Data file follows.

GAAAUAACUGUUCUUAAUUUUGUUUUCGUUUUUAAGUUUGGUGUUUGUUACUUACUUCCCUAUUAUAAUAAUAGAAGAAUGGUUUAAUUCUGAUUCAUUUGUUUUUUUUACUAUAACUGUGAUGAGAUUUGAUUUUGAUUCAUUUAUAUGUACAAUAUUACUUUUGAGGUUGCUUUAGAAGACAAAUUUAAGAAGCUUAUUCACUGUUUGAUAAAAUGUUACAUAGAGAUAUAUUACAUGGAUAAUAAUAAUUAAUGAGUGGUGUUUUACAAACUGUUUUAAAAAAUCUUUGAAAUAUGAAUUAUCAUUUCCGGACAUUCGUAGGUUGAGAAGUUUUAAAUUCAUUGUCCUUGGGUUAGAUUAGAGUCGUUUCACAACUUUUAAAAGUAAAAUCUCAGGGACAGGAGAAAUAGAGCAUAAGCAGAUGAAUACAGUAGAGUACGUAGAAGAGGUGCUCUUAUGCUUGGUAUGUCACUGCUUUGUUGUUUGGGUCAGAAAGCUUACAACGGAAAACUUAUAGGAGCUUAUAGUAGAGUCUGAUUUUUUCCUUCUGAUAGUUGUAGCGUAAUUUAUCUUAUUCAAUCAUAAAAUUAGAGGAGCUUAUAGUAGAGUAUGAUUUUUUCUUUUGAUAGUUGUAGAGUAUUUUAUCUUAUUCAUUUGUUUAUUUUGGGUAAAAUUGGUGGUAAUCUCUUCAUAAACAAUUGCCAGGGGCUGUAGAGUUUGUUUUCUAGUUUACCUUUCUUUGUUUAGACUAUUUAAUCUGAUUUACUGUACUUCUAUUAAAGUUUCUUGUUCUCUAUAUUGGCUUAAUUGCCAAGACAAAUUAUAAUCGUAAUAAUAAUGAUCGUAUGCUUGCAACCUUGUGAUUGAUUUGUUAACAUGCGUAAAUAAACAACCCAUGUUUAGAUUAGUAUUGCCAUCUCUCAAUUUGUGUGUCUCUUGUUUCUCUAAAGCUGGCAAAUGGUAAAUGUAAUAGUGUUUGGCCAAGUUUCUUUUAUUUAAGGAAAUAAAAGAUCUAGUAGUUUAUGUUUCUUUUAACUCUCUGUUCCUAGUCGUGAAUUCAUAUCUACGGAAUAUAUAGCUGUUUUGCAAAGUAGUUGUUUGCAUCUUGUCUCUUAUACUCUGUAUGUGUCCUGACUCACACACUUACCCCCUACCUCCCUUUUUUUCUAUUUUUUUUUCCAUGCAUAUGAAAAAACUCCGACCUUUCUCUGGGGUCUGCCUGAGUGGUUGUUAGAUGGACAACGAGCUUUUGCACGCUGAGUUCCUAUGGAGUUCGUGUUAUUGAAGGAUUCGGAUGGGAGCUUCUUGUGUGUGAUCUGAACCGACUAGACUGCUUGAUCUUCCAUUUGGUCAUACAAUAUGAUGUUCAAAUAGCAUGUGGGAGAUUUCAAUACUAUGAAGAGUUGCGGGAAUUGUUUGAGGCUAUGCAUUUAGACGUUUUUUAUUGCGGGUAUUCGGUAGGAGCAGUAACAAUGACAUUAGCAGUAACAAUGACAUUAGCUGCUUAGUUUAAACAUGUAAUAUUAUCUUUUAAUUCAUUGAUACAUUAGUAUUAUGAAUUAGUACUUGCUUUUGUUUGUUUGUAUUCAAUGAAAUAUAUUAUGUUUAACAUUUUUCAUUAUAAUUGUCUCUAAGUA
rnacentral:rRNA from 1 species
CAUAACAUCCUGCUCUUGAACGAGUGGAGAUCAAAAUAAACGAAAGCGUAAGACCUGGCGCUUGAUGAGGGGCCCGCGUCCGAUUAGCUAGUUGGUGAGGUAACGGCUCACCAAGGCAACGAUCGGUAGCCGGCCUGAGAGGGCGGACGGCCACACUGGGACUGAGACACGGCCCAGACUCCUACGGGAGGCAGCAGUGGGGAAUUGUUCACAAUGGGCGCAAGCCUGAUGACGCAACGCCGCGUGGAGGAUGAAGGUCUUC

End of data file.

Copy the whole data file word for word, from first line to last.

GAAAUAACUGUUCUUAAUUUUGUUUUCGUUUUUAAGUUUGGUGUUUGUUACUUACUUCCCUAUUAUAAUAAUAGAAGAAUGGUUUAAUUCUGAUUCAUUUGUUUUUUUUACUAUAACUGUGAUGAGAUUUGAUUUUGAUUCAUUUAUAUGUACAAUAUUACUUUUGAGGUUGCUUUAGAAGACAAAUUUAAGAAGCUUAUUCACUGUUUGAUAAAAUGUUACAUAGAGAUAUAUUACAUGGAUAAUAAUAAUUAAUGAGUGGUGUUUUACAAACUGUUUUAAAAAAUCUUUGAAAUAUGAAUUAUCAUUUCCGGACAUUCGUAGGUUGAGAAGUUUUAAAUUCAUUGUCCUUGGGUUAGAUUAGAGUCGUUUCACAACUUUUAAAAGUAAAAUCUCAGGGACAGGAGAAAUAGAGCAUAAGCAGAUGAAUACAGUAGAGUACGUAGAAGAGGUGCUCUUAUGCUUGGUAUGUCACUGCUUUGUUGUUUGGGUCAGAAAGCUUACAACGGAAAACUUAUAGGAGCUUAUAGUAGAGUCUGAUUUUUUCCUUCUGAUAGUUGUAGCGUAAUUUAUCUUAUUCAAUCAUAAAAUUAGAGGAGCUUAUAGUAGAGUAUGAUUUUUUCUUUUGAUAGUUGUAGAGUAUUUUAUCUUAUUCAUUUGUUUAUUUUGGGUAAAAUUGGUGGUAAUCUCUUCAUAAACAAUUGCCAGGGGCUGUAGAGUUUGUUUUCUAGUUUACCUUUCUUUGUUUAGACUAUUUAAUCUGAUUUACUGUACUUCUAUUAAAGUUUCUUGUUCUCUAUAUUGGCUUAAUUGCCAAGACAAAUUAUAAUCGUAAUAAUAAUGAUCGUAUGCUUGCAACCUUGUGAUUGAUUUGUUAACAUGCGUAAAUAAACAACCCAUGUUUAGAUUAGUAUUGCCAUCUCUCAAUUUGUGUGUCUCUUGUUUCUCUAAAGCUGGCAAAUGGUAAAUGUAAUAGUGUUUGGCCAAGUUUCUUUUAUUUAAGGAAAUAAAAGAUCUAGUAGUUUAUGUUUCUUUUAACUCUCUGUUCCUAGUCGUGAAUUCAUAUCUACGGAAUAUAUAGCUGUUUUGCAAAGUAGUUGUUUGCAUCUUGUCUCUUAUACUCUGUAUGUGUCCUGACUCACACACUUACCCCCUACCUCCCUUUUUUUCUAUUUUUUUUUCCAUGCAUAUGAAAAAACUCCGACCUUUCUCUGGGGUCUGCCUGAGUGGUUGUUAGAUGGACAACGAGCUUUUGCACGCUGAGUUCCUAUGGAGUUCGUGUUAUUGAAGGAUUCGGAUGGGAGCUUCUUGUGUGUGAUCUGAACCGACUAGACUGCUUGAUCUUCCAUUUGGUCAUACAAUAUGAUGUUCAAAUAGCAUGUGGGAGAUUUCAAUACUAUGAAGAGUUGCGGGAAUUGUUUGAGGCUAUGCAUUUAGACGUUUUUUAUUGCGGGUAUUCGGUAGGAGCAGUAACAAUGACAUUAGCAGUAACAAUGACAUUAGCUGCUUAGUUUAAACAUGUAAUAUUAUCUUUUAAUUCAUUGAUACAUUAGUAUUAUGAAUUAGUACUUGCUUUUGUUUGUUUGUAUUCAAUGAAAUAUAUUAUGUUUAACAUUUUUCAUUAUAAUUGUCUCUAAGUA
rnacentral:rRNA from 1 species
CAUAACAUCCUGCUCUUGAACGAGUGGAGAUCAAAAUAAACGAAAGCGUAAGACCUGGCGCUUGAUGAGGGGCCCGCGUCCGAUUAGCUAGUUGGUGAGGUAACGGCUCACCAAGGCAACGAUCGGUAGCCGGCCUGAGAGGGCGGACGGCCACACUGGGACUGAGACACGGCCCAGACUCCUACGGGAGGCAGCAGUGGGGAAUUGUUCACAAUGGGCGCAAGCCUGAUGACGCAACGCCGCGUGGAGGAUGAAGGUCUUC